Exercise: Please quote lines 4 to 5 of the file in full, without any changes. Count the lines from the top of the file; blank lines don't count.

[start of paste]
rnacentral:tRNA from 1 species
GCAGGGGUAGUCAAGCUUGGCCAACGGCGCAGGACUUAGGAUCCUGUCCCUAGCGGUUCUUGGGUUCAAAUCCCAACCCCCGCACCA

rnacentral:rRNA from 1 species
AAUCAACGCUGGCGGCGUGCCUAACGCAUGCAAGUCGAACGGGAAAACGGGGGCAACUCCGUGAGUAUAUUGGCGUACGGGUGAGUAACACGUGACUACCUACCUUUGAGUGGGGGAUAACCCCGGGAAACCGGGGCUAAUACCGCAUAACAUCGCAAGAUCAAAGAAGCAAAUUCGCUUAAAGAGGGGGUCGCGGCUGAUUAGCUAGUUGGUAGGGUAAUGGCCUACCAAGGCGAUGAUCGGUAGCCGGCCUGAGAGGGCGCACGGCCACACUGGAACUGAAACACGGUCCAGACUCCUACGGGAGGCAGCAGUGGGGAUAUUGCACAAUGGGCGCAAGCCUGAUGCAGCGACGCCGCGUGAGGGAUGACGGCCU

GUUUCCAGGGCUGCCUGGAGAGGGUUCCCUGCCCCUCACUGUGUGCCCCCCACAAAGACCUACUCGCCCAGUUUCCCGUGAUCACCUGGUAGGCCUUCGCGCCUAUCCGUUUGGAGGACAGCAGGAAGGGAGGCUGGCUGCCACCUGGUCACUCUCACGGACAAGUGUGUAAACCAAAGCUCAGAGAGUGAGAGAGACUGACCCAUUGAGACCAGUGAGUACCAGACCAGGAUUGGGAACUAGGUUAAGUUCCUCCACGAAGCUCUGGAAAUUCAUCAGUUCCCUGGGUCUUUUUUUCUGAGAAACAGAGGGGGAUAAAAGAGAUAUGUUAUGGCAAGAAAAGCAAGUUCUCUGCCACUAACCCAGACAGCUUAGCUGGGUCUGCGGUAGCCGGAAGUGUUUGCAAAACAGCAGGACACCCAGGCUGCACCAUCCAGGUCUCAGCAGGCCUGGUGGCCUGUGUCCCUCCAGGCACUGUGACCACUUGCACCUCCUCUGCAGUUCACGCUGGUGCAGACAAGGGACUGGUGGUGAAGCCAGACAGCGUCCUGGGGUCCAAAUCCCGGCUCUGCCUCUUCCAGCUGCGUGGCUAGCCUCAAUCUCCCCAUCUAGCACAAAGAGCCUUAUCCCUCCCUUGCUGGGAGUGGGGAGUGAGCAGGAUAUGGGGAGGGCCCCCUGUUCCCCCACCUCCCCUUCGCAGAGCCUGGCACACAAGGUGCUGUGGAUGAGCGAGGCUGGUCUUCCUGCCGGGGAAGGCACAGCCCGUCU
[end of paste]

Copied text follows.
AAUCAACGCUGGCGGCGUGCCUAACGCAUGCAAGUCGAACGGGAAAACGGGGGCAACUCCGUGAGUAUAUUGGCGUACGGGUGAGUAACACGUGACUACCUACCUUUGAGUGGGGGAUAACCCCGGGAAACCGGGGCUAAUACCGCAUAACAUCGCAAGAUCAAAGAAGCAAAUUCGCUUAAAGAGGGGGUCGCGGCUGAUUAGCUAGUUGGUAGGGUAAUGGCCUACCAAGGCGAUGAUCGGUAGCCGGCCUGAGAGGGCGCACGGCCACACUGGAACUGAAACACGGUCCAGACUCCUACGGGAGGCAGCAGUGGGGAUAUUGCACAAUGGGCGCAAGCCUGAUGCAGCGACGCCGCGUGAGGGAUGACGGCCU

GUUUCCAGGGCUGCCUGGAGAGGGUUCCCUGCCCCUCACUGUGUGCCCCCCACAAAGACCUACUCGCCCAGUUUCCCGUGAUCACCUGGUAGGCCUUCGCGCCUAUCCGUUUGGAGGACAGCAGGAAGGGAGGCUGGCUGCCACCUGGUCACUCUCACGGACAAGUGUGUAAACCAAAGCUCAGAGAGUGAGAGAGACUGACCCAUUGAGACCAGUGAGUACCAGACCAGGAUUGGGAACUAGGUUAAGUUCCUCCACGAAGCUCUGGAAAUUCAUCAGUUCCCUGGGUCUUUUUUUCUGAGAAACAGAGGGGGAUAAAAGAGAUAUGUUAUGGCAAGAAAAGCAAGUUCUCUGCCACUAACCCAGACAGCUUAGCUGGGUCUGCGGUAGCCGGAAGUGUUUGCAAAACAGCAGGACACCCAGGCUGCACCAUCCAGGUCUCAGCAGGCCUGGUGGCCUGUGUCCCUCCAGGCACUGUGACCACUUGCACCUCCUCUGCAGUUCACGCUGGUGCAGACAAGGGACUGGUGGUGAAGCCAGACAGCGUCCUGGGGUCCAAAUCCCGGCUCUGCCUCUUCCAGCUGCGUGGCUAGCCUCAAUCUCCCCAUCUAGCACAAAGAGCCUUAUCCCUCCCUUGCUGGGAGUGGGGAGUGAGCAGGAUAUGGGGAGGGCCCCCUGUUCCCCCACCUCCCCUUCGCAGAGCCUGGCACACAAGGUGCUGUGGAUGAGCGAGGCUGGUCUUCCUGCCGGGGAAGGCACAGCCCGUCU